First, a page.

Supporters of Speaker Pelosi’s extreme drug pricing bill (H.R. 3) want us to believe that they can destroy the biopharmaceutical industry and still produce new cures and treatments for patients in need. The crux of this fairy tale is the promise by supporters of H.R. 3 to reinvest “savings” from the bill back into the National Institutes of Health (NIH). But there are two significant problems with this empty promise.
Problem #1: H.R. 3 does NOT reinvest savings back into the NIH. The legislative language simply doesn’t exist in the bill. As Inside Health Policy recently reported: “House Dems Have Not Yet Funded NIH With Savings From Pelosi Rx Plan.” This despite lengthy consideration of the bill by various committees on Capitol Hill. The story notes that “instead of funding NIH research, the committees thus far decided to add dental, vision and hearing benefits to Medicare.”
So instead of a plan that encourages the development of new medicines, we have a bill that nonpartisan budget experts warn will stifle the development of future treatments and one relying on high hopes that a future Congress will appropriate the funding necessary for the NIH to replace the loss in private-sector R&D spending (which reached $165 billion globally in 2017).
Problem #2: H.R. 3 is based on a false premise of how drug development works. The NIH does NOT develop new medicines. In fact, the overwhelming majority of NIH work is basic research on biological targets, not the drugs themselves. And it’s been estimated that 90% of new drugs originate entirely from industry research.
Dr. Michael Rosenblatt, chief medical officer at Flagship Pioneering, recently explained in the Boston Globe how “drug invention typically works.” When it comes to the role of the NIH:
“The National Institutes of Health funds research in its own labs and awards grants to scientists at universities and nonprofit research institutes. The vast majority of these researchers aren’t actually designing and developing drugs; rather, they’re exploring scientific questions fundamental to medicine, like how the body’s organs, cells, and systems work and the ways in which ‘normal’ changes to ‘disease.’ They hope that some of their findings and insights will point the way toward drug invention.”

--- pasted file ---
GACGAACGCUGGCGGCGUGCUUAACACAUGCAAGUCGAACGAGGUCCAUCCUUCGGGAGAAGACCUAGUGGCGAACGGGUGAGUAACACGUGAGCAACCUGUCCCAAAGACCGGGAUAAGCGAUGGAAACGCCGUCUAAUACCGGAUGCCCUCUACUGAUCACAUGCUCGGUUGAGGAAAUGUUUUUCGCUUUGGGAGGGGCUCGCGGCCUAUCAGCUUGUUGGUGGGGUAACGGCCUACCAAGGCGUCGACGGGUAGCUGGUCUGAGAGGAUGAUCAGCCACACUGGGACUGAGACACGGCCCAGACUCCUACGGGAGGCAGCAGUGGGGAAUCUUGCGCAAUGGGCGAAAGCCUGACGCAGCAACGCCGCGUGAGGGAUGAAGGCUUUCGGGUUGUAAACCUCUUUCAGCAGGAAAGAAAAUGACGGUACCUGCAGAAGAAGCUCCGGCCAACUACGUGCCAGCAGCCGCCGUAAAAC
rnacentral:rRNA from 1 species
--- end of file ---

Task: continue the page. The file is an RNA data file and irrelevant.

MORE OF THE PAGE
And just as importantly, when it comes to the role of researchers and scientists in the private sector, Dr. Rosenblatt writes:
“If a promising biological target is identified, a life-sciences company — either a small start-up or a pharmaceutical company — will begin exploring how to translate the research into a medically useful invention. Biotech startups typically raise funds from venture capital investors or public markets in order to support this research. Large pharmaceutical companies fund the research out of current revenues …”
Dr. Rosenblatt notes that “hundreds of new medicines have come out of this process.” And let’s not forget there are countless other potential treatments waiting to be discovered for patients facing myriad ailments and diseases.
We shouldn’t allow empty promises to destroy an ecosystem that develops more new medicines than the rest of the world combined. Policymakers should reject H.R. 3 and advance real solutions that lead to lower out-of-pocket drug costs for patients and future biomedical innovation.
Click here for more information on how the vital public-private partnership for drug discovery really works.
To learn more about why H.R. 3 would hurt patients and future innovation, visit bio.org/save-cures
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